Hemlock wooly adelgid, a tiny insect pest, was discovered in the western United States in the 1920s and was first observed in the East in the early 1950s near Richmond, Virginia, perhaps having traveled on nursery plants from Japan. The hemlock wooly adelgid is a serious invasive I the East and it now can be found at least from Georgia to southern Nova Scotia. The tiny aphid-like insect that threatens the health and sustainability of eastern and Carolina hemlock is smaller than a ladybug. Small, white, cottony sacs at the base of the hemlock needles usually indicate the insects’ presence. But sap-sucking adults can assault entire hemlock stands. As Hemlock health declines, tree mortality usually occurs within four to ten years.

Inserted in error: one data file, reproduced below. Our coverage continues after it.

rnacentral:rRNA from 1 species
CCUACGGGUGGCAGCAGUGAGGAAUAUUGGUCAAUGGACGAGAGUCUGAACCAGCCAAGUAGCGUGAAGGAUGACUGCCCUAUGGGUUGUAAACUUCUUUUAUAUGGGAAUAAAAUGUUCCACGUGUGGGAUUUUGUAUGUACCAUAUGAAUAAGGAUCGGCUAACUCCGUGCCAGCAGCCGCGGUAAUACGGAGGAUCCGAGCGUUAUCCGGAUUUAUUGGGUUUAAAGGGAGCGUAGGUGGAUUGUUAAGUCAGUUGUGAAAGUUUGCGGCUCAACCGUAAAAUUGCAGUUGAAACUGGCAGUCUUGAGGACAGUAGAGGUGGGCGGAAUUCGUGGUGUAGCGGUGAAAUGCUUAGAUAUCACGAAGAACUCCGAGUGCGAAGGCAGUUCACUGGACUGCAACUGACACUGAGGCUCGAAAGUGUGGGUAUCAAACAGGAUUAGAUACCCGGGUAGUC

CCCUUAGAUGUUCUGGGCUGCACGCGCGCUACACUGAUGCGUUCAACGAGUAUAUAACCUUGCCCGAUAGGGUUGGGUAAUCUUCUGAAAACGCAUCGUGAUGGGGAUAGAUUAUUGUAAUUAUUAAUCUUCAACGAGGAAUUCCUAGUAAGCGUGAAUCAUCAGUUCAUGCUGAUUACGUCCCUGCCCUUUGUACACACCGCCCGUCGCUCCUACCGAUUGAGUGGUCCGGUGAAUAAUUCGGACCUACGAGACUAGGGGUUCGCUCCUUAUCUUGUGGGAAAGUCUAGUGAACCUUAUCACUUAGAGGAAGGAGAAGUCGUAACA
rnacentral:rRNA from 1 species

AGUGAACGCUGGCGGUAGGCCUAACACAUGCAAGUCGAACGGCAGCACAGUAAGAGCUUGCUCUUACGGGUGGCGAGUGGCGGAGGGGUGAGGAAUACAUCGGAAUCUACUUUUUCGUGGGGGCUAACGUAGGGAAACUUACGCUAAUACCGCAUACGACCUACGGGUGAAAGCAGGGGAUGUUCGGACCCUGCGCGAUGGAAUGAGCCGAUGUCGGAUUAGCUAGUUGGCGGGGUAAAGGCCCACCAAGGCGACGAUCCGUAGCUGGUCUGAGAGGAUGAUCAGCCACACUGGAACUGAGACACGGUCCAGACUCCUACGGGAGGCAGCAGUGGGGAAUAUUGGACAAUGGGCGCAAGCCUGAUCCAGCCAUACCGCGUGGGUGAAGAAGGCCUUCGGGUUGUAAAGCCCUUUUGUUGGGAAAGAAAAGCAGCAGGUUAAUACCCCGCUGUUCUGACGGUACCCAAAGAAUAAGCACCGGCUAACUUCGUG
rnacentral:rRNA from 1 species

The main vectors aiding the spread of hemlock wooly adelgid are storm winds, nursery trees, and firewood. Migratory birds, which assist hitchhiking adelgids are thought to be long distance transporters. A recent article in Biological Invasionsby four Connecticut researchers strengthened the migrant-bird premise.
Of 456 captured birds, examined with the aid of small jets of compressed air, 40 individuals of 22 species carried adelgid crawlers, the flightless nymph phase of the adelgid. The bird species included hemlock-loving black-throated green warblers and blue-headed vireos.
This confirmation raises the stakes. Avian-assisted travel could mean much faster spreading adelgids and, significantly, crawlers are at peak abundance during active spring migration. Moreover, temperatures are warming and more adelgid eggs are surviving the winters.
The migration pattern of songbirds, particularly those that favor hemlock habitat, may help to detect at least early-spreading populations of adelgids
This was originally published in a “Quick Takes” column by Paul J. Baicich in Bird Watcher’s DigestVol. 41, No. 6, July/August 2019.